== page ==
Samuel F. B. Morse’s “Gallery of the Louvre” and the Art of InventionJan. 24-May 4, 2015
Jan. 24-May 4, 2015
Virginia Steele Scott Galleries of American Art, Susan and Stephen Chandler Wing
Samuel F. B. Morse, of Morse code fame, may be better known as an inventor, but he began his career as a painter. This exhibition focuses exclusively on his masterwork, Gallery of the Louvre (1831–1833), featuring great paintings from the Louvre’s collection. The six-by-nine- foot canvas depicts masterpieces by Leonardo da Vinci, Titian, Caravaggio, Rubens, and Van Dyck, among others, in a configuration deliberately fabricated by Morse.
The U.S. Constitution and the End of American SlaveryJan. 24-April 20, 2015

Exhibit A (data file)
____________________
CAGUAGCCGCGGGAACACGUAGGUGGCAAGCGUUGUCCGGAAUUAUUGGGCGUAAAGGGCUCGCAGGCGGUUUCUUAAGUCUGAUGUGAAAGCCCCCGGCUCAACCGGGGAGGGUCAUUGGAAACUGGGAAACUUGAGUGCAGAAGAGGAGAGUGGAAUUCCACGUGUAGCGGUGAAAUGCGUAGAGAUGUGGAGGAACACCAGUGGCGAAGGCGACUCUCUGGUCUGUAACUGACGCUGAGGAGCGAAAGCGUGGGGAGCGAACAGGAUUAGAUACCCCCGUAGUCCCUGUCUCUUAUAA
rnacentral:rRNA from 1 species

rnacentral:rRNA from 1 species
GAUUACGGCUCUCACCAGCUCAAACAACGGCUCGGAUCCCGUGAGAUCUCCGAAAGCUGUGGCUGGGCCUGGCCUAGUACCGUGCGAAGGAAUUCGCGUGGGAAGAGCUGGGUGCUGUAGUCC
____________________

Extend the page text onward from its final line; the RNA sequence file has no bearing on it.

Jan. 24-April 20, 2015
Library, West Hall
Just after 3 p.m. on Jan. 31, 1865, Samuel Colfax, the Speaker of the U.S. House of Representatives, called for the vote on a joint resolution that would amend the Constitution to abolish slavery in the United States. Timed to commemorate the sesquicentennial of the Thirteenth Amendment, this exhibition explores the long, tortuous, and bloody road that led to that fateful vote. With more than 80 items, drawn entirely from The Huntington’s collection of historical materials, it features rare manuscripts, books, and prints, including letters by George Washington, Thomas Jefferson, and Abraham Lincoln.
Magna Carta: Law and Legend, 1215-2015June 13-Oct. 12, 2015
June 13-Oct. 12, 2015
Library, West Hall
This exhibition celebrates the 800th anniversary of the Magna Carta by exploring the language and ideology of constitutionalism (both written and unwritten) and the rule of law. While the cornerstone of the exhibition is The Huntington's 13th-century draft of the Magna Carta, the themes move beyond Medieval England to explore the relevance of Magna Carta to later English history, the history of the United States, and the modern world, drawn from various areas of the Huntington’s collections.